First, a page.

Offseason Overview – Pittsburgh Pirates

Mar 15, 12 Offseason Overview – Pittsburgh Pirates

Previously: San Francisco Giants, Arizona Diamondbacks, New York Yankees, Atlanta Braves

Pittsburgh Pirates

2011 RECORD: 72-90

PRESIDENT: Frank Coonelly GM: Neal Huntington

KEY ACQUISITIONS: Clint Barmes, Erik Bedard, Rod Barajas, A.J. Burnett, Nate McClouth, Casey McGehee, Doug Slaten

KEY DEPARTURES: Derrek Lee, Ryan Ludwick, Paul Maholm, Joe Beimel, Ryan Doumit, Nelson Figueroa, Ross Ohlendorf, Chris Snyder, Jose Veras

1992 was the last time the Pirates finished a season with a winning record – the club posted a 96-66 record. It is possible that the Pirates snap that streak in 2012.

The highlight of the offseason was undoubtedly Andrew McCutchen‘s 6-year $51.5MM extension with a 7th year club option. I won’t analyze the brilliance of this deal too much and instead will hand it off to Dave Cameron of FanGraphs who explains why this deal is a major win for the Bucs.

The fact is that the Pirates locked up McCutchen to essentially the same contract that Juston Upton signed two years prior and Jay Bruce signed 15 months prior – and McCutchen is a far more statistically achieved player than either Upton or Bruce from the time they signed extensions. It’s not even close.

Length Value Date Signed Age MLB Service Career WAR
Andrew McCutchen 6 + 1/club $51.5MM 3/6/2012 25 2.123 12.9
Jay Bruce 6 + 1/club $51.25MM 12/10/2010 23 2.125 8
Justin Upton 6 $51.25MM 3/4/2010 22 2.060 5.2

 

This table graphically depicts the brilliance in the Pirates extension of McCutchen. When comparing McCutchen to his counterparts (at the time each signed their respective extension): McCutchen is slightly older and more experienced  than both Bruce and Upton. He also has provided nearly five more wins above replacement than Jay Bruce and more than doubles Upton’s WAR. WOW!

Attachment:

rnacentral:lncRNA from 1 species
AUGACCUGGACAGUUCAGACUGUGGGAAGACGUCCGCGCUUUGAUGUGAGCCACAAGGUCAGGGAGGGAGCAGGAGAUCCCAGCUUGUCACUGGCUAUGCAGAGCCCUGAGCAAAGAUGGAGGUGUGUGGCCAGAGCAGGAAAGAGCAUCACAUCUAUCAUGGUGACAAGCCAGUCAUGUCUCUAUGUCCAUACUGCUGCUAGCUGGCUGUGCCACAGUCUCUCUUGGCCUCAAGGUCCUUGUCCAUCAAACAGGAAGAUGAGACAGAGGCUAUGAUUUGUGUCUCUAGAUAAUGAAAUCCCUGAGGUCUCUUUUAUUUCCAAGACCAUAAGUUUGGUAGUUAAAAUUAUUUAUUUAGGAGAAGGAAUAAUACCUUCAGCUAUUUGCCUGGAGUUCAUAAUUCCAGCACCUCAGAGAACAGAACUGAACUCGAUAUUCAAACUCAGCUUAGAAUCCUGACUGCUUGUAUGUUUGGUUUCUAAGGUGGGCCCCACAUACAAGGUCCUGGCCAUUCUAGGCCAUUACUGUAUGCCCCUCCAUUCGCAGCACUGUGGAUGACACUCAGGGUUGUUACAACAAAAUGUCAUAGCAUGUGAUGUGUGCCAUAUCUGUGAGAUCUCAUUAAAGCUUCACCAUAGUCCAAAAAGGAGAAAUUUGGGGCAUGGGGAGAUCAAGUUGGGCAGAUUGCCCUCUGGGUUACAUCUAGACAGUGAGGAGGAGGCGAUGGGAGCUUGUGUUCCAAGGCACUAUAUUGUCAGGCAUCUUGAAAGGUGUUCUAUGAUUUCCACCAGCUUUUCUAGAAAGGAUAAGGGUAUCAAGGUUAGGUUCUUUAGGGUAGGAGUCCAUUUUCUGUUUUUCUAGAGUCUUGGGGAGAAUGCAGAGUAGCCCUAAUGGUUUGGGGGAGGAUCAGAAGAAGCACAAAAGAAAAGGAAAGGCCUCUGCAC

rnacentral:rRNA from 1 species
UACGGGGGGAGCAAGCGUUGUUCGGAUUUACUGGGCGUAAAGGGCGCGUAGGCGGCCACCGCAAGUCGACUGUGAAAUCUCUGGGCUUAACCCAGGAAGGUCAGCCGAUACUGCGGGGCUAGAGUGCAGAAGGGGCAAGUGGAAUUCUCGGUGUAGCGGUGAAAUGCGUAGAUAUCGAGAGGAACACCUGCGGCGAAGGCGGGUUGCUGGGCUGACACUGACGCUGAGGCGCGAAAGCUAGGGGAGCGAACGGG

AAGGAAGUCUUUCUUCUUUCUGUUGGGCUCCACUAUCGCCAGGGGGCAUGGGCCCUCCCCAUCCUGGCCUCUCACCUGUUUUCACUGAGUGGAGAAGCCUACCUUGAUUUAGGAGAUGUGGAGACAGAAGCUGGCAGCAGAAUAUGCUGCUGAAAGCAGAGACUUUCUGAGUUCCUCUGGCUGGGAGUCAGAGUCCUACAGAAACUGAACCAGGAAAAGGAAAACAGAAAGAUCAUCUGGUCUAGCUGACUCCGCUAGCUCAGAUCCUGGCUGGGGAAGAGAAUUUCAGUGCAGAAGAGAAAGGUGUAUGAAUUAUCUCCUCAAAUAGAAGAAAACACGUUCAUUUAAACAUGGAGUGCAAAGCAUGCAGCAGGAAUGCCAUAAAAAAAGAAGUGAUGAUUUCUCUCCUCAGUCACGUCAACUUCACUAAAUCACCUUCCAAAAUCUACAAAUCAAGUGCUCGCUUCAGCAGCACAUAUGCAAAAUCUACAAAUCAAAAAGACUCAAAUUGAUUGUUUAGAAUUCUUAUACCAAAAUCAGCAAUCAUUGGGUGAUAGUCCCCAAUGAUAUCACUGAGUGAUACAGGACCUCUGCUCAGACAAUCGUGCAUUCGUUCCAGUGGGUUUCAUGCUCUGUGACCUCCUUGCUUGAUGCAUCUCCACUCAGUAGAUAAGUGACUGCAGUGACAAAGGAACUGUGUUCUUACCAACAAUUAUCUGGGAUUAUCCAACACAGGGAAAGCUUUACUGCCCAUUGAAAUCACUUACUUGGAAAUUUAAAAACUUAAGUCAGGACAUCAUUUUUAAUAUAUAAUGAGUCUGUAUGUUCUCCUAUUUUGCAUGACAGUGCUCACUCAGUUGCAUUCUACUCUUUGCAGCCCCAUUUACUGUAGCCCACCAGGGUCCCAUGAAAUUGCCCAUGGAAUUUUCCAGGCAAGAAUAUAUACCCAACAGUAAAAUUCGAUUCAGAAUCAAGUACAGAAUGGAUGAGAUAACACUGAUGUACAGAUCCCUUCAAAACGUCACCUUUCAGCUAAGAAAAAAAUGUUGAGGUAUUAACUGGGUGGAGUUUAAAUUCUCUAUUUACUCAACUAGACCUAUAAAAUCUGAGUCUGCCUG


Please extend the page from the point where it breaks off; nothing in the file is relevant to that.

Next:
McCutchen is THE stereotypical 5-tool player. He hits for average and power, gets on base, steals bases, and he even drastically improved his defense in 2011. His career line is .276/.365/.458 with a stellar .363 wOBA – he has also stolen 78 bases.

The 7th year club option at $15.75MM is the real winner in this deal. Assuming McCutchen keeps at his pace (or close), he will be worth for more than $15.75MM in 2018, thus; with the option, the Pirates get McCutchen from ages 25-31 for $64MM.  Let’s be real, this is one of the best moves the franchise could possibly do.

Clint Barmes will be the new man at shortstop and Rod Barajas will hold down the backstop. These are two guys that will struggle significantly at the plate, however; Barmes is a plus defender. Barajas is a bland move; he brings a veteran presence and some pop but he rarely gets on base and sports a career .299 wOBA. The 7,8,9 spots in the lineup should be a breeze for opposing pitchers.

Two moves I liked by the Pirates: 1) Bringing aboard Erik Bedard and 2) Trading for A.J. Burnett

Both moves are great strategies for a small-cap team as Bedard is cheap because of his injury issues and Burnett is actually undervalued at the 2-year $13MM rate he comes at. Eric Seidman of FanGraphs explains the Burnett move.